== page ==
Develop Counter component with Angular 7 and RxJS

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The strong benefit of using Angular framework is the emphasis on component driven development and thereby promoting reusability. On the other hand with the help of RxJS the complex tasks can be easily achieved. The fact that RxJS heavily uses chained API approach helps to mix and match it’s APIs to achieve complex functionality.

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Photo by Aron Visuals on Unsplash

The beginning

I was looking for a counter component in Angular. The primary requirements I had

  • Input total number of seconds
  • API to start/stop counter
  • Notification after counter reaches zero
  • Formatted output e.g. mm:ss (Where mm stands for minutes and ss stands for seconds)

The requirements were not that complex and so I thought of developing my own component. The process started with identifying the right approach for developing this component.

Identify Input and Output

This part was pretty simple. I already knew what I expected from the counter and the data that I can feed to it. Based on the list defined above, I started defining the counter component

@Component({
  selector: 'app-counter',
  templateUrl: './counter.component.html',
  styleUrls: ['./counter.component.scss'],
  changeDetection: ChangeDetectionStrategy.OnPush
})
export class CounterComponent implements OnInit {
@Input()
startAt = 1;

@Input()
showTimeRemaining = true;

@Output()
counterState = new EventEmitter();

constructor(private changeDetector: ChangeDetectorRef) { }

}

If you are already familiar with Angular, most of the things written above must be known to you. @Input defines values that you can pass to the component and @Output is used to provide meaningful information to calling routine.

The interesting part is @Component, which uses ChangeDetectionStrategy. Instead of relying on default implementation, we know that the component should be updated at regular intervals rather than leaving it at the mercy of Angular’s default change detection strategy. This is also a recommended practice to improve performance and reliability of the component.

API – start and stop

We need explicit APIs to start a counter. Also in case if we wish to stop the counter, there has to be an equivalent method. So I added following two methods


public start() {
    this.currentValue = this.formatValue(this.startAt);
    this.changeDetector.detectChanges();

    const t: Observable<number> = interval(1000);
    this.currentSubscription = t.pipe(take(this.startAt)).map(v =&gt; this.startAt - (v + 1)).subscribe(v =&gt; {
        this.currentValue = this.formatValue(v);
        this.changeDetector.detectChanges();
      }, err =&gt; {
        this.counterState.error(err);
      }, () =&gt; {
        this.currentSubscription.unsubscribe();
        this.currentValue = '00:00';
        this.counterState.emit('COMPLETE');
        this.changeDetector.detectChanges();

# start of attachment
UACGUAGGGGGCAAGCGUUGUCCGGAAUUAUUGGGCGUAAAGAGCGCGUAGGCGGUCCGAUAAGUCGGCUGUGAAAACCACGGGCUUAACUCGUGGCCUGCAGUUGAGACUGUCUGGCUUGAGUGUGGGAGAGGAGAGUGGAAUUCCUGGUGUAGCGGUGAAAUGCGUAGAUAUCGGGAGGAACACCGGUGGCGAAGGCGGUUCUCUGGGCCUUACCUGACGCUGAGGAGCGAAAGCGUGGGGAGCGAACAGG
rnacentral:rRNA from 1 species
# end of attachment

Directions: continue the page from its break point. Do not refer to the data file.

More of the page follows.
});
  }

private formatValue(v) {
const minutes = Math.floor(v / 60);
        const formattedMinutes = '' + (minutes &gt; 9 ? minutes : '0' + minutes);
        const seconds = v % 60;
        const formattedSeconds = '' + (seconds &gt; 9 ? seconds : '0' + seconds);

return `${formattedMinutes}:${formattedSeconds}`;
}

As soon as the start method is called, we set the initial value of the counter to the startAt variable. This shows total time.

RxJS in action

I am making use of RxJS’s interval function to track the timelapse. The beauty of RxJS is the ability to chain the API calls. I am making use of interval which is somewhat similar to setInterval method in JavaScript. But this method returns you an Observable which can be then plugged with some of the interesting RxJS APIs. Here is the list of other functions we have used

  • take – As defined in the documentation, it is used to accept only the first n values. In our case, the maximum value is defined using startAt (Note that the counter shows the time remaining, rather than time elapsed.)
  • map – Useful to transform value received from take. The value received from take is reduced from Total time.
  • subscribe – Finally, we need the computed value to display in Counter. The subscribe method has 3 blocks. The first block gets called every time the value is computed by map. The second err block is called when there is an exception. The third block is called when the counter reaches to 0.

Subscribe

The First block of subscribe constantly updates the value to be displayed in Counter. The value is passed to a formatter function and assigned to a variable. This variable is referenced in the component’s template and the change in value is informed using the ChangeDetector. Refer to following HTML code for Counter.

<div class="counter-parent">
    <span>{{currentValue}}</span>
</div>

The complete block of subscribe ensures the cleanup activities after the counter value is exhausted. The block also emits a state to indicate that the counter has reached to the zero. This is useful to perform any actions based on timed activities. We then invoke ChangeDetector again to refresh the Counter’s appearance.

As stated, we also need a stop method to explicitly stop the Counter. This is useful in a scenario wherein a user is done with the time bound activity and wish to move to the next one before the time elapses.


public stop() {
    this.currentSubscription.unsubscribe();
    this.counterState.emit('ABORTED');
}

We are done with coding our counter component. The takeaway from this implementation is to develop a component which can emit a value and keep the application informed about it’s state. This reduces mingling of component APIs with each other and reuse them wherever required.

Demo

Check this stackblitz link for complete source code and Demo.

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